Just when you thought software and hardware were confusing enough, along comes another techno-term to deal with: firmware. This special software lives permanently on your camera, telling it how to operate and function — in essence, it’s your camera’s gray matter.
Every now and then, camera manufacturers update the firmware to fix problems and bugs, enhance features, and generally do housekeeping that makes your camera operate better. Sometimes these changes are minor, but occasionally they fix pretty serious problems and errors.
To benefit from these updates, you have to download the new firmware files from your camera manufacturer’s website and install them on your camera. If you signed up for manufacturer email updates when you registered your camera (you did do that, right?), the company should inform you of updates when they occur. But it’s a good idea to also simply check the manufacturer’s camera support page every three months or so to make sure that you don’t miss an important firmware update. You will find instructions on how to install the firmware at the website.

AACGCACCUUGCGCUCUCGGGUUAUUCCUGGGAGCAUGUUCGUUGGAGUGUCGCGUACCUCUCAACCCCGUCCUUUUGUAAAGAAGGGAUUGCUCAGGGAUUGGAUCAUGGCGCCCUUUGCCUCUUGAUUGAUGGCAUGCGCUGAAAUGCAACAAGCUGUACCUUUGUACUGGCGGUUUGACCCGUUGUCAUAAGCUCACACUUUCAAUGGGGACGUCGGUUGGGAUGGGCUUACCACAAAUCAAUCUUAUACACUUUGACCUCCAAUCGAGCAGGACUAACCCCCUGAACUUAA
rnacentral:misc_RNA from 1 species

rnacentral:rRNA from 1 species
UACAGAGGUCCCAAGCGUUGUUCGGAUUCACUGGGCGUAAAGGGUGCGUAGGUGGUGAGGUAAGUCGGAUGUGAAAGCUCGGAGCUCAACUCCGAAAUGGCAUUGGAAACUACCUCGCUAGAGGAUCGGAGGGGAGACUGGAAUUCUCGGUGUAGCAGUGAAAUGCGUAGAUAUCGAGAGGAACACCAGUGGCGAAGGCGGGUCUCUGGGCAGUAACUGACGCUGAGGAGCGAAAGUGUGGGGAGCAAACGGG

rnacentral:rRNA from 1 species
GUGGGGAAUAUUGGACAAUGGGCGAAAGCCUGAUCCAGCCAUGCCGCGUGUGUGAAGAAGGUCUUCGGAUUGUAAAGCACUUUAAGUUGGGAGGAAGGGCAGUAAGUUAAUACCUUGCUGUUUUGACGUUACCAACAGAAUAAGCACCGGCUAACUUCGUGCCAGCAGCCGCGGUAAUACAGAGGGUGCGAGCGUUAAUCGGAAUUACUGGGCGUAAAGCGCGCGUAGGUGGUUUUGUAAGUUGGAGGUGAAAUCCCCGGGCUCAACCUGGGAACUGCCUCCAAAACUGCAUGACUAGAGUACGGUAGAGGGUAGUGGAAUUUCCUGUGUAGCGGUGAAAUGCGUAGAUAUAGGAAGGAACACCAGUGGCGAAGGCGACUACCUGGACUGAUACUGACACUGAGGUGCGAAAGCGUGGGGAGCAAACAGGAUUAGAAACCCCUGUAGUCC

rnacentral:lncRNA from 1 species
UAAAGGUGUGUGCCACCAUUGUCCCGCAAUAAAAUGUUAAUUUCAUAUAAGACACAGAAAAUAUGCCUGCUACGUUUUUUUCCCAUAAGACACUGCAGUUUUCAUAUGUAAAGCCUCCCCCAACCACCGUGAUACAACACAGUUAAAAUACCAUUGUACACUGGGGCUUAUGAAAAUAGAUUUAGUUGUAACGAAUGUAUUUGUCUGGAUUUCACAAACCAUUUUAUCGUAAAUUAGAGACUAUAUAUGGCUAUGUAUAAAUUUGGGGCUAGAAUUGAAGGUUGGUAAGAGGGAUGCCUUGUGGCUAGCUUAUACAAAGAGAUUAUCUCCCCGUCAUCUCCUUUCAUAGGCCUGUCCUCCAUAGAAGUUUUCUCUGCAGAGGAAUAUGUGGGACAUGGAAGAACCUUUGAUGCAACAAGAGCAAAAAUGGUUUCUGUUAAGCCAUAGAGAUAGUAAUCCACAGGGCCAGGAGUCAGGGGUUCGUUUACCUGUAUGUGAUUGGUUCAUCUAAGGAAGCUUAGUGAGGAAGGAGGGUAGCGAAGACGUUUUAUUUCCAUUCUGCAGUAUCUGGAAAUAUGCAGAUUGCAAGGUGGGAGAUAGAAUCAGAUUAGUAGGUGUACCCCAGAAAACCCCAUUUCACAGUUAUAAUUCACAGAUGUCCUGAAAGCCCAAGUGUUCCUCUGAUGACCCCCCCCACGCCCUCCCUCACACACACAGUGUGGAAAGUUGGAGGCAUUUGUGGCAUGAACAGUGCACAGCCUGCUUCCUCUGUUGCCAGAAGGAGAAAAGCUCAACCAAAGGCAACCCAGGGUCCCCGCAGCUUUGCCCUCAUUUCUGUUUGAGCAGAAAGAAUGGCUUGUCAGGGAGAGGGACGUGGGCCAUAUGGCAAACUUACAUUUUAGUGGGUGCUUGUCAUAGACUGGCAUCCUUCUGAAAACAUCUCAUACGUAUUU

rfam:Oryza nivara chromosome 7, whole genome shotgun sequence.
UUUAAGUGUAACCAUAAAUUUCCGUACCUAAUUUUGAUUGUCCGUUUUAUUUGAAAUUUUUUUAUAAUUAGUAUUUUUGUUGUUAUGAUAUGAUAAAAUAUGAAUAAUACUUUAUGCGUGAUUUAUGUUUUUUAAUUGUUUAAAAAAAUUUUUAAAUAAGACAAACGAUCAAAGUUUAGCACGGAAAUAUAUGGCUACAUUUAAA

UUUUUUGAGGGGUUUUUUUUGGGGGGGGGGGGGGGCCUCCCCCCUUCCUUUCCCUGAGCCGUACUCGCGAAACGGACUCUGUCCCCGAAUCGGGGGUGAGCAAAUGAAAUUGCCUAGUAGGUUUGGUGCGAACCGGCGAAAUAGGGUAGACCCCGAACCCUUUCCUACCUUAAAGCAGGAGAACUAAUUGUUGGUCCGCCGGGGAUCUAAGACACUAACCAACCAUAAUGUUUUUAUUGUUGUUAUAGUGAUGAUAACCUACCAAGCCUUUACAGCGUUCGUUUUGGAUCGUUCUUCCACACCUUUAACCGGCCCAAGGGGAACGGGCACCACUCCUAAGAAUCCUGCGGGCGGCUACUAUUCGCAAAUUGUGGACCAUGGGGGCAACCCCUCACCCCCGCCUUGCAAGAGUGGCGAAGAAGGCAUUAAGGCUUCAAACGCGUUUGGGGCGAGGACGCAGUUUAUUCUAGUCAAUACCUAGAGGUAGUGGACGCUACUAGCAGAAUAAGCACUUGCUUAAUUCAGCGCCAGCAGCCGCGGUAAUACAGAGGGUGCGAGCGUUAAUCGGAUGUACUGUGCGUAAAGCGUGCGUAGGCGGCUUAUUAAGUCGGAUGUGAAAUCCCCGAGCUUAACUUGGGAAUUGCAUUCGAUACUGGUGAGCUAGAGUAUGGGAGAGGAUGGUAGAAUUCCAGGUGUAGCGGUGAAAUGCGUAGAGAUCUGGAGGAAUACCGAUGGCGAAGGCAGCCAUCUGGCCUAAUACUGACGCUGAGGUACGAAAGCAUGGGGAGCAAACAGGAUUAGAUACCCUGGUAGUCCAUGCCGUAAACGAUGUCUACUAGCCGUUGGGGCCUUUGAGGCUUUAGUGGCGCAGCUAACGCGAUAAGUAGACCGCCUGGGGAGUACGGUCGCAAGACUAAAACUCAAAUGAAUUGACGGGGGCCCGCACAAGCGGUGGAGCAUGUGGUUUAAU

9. Go From Hot to Cold and Cold to Hot Slowly
A digital camera is pretty much a computer with a lens, and like any electronic device, it isn’t designed to cope with weather extremes. So take these safety steps:
- Don’t let your camera catch a cold. Extreme cold can cause various mechanical functions in your camera to freeze. If you must take your camera into the cold, keep it in a camera case under your jacket until you’re ready to use it.
- Don’t let it get heat stroke, either. Extreme heat can damage your camera as well and can be especially hard on your LCD screen, which can “go dark” if it gets too hot. If this happens, simply get your camera to a cooler place.
- Avoid rapid changes in temperature. Changing temperature extremes, such as from an air-conditioned office into the heat of a summer day, is bad for your camera. To minimize this issue, invest in a well-insulated camera bag. When you arrive at your destination, leave the camera in the bag for a while so that it can acclimate to the change in temperature.